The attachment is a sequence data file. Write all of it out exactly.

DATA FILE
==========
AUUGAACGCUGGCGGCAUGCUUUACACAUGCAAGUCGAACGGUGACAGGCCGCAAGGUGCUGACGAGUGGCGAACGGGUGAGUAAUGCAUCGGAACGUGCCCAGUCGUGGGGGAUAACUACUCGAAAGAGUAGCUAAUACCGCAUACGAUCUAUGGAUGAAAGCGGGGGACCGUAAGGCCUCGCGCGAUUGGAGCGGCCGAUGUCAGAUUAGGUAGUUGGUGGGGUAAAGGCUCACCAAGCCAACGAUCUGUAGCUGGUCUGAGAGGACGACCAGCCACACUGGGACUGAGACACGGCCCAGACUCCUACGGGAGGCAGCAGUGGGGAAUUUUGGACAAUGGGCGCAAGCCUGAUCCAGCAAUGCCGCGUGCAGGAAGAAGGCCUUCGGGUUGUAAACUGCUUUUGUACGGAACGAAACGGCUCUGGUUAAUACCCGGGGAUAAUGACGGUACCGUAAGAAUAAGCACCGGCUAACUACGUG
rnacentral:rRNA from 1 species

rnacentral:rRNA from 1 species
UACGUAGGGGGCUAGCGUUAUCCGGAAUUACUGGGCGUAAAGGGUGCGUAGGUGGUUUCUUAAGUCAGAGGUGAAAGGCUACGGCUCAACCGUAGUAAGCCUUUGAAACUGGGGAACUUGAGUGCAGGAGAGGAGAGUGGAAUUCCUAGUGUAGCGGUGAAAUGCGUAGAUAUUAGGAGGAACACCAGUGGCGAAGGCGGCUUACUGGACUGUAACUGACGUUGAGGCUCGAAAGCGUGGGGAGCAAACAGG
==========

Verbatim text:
AUUGAACGCUGGCGGCAUGCUUUACACAUGCAAGUCGAACGGUGACAGGCCGCAAGGUGCUGACGAGUGGCGAACGGGUGAGUAAUGCAUCGGAACGUGCCCAGUCGUGGGGGAUAACUACUCGAAAGAGUAGCUAAUACCGCAUACGAUCUAUGGAUGAAAGCGGGGGACCGUAAGGCCUCGCGCGAUUGGAGCGGCCGAUGUCAGAUUAGGUAGUUGGUGGGGUAAAGGCUCACCAAGCCAACGAUCUGUAGCUGGUCUGAGAGGACGACCAGCCACACUGGGACUGAGACACGGCCCAGACUCCUACGGGAGGCAGCAGUGGGGAAUUUUGGACAAUGGGCGCAAGCCUGAUCCAGCAAUGCCGCGUGCAGGAAGAAGGCCUUCGGGUUGUAAACUGCUUUUGUACGGAACGAAACGGCUCUGGUUAAUACCCGGGGAUAAUGACGGUACCGUAAGAAUAAGCACCGGCUAACUACGUG
rnacentral:rRNA from 1 species

rnacentral:rRNA from 1 species
UACGUAGGGGGCUAGCGUUAUCCGGAAUUACUGGGCGUAAAGGGUGCGUAGGUGGUUUCUUAAGUCAGAGGUGAAAGGCUACGGCUCAACCGUAGUAAGCCUUUGAAACUGGGGAACUUGAGUGCAGGAGAGGAGAGUGGAAUUCCUAGUGUAGCGGUGAAAUGCGUAGAUAUUAGGAGGAACACCAGUGGCGAAGGCGGCUUACUGGACUGUAACUGACGUUGAGGCUCGAAAGCGUGGGGAGCAAACAGG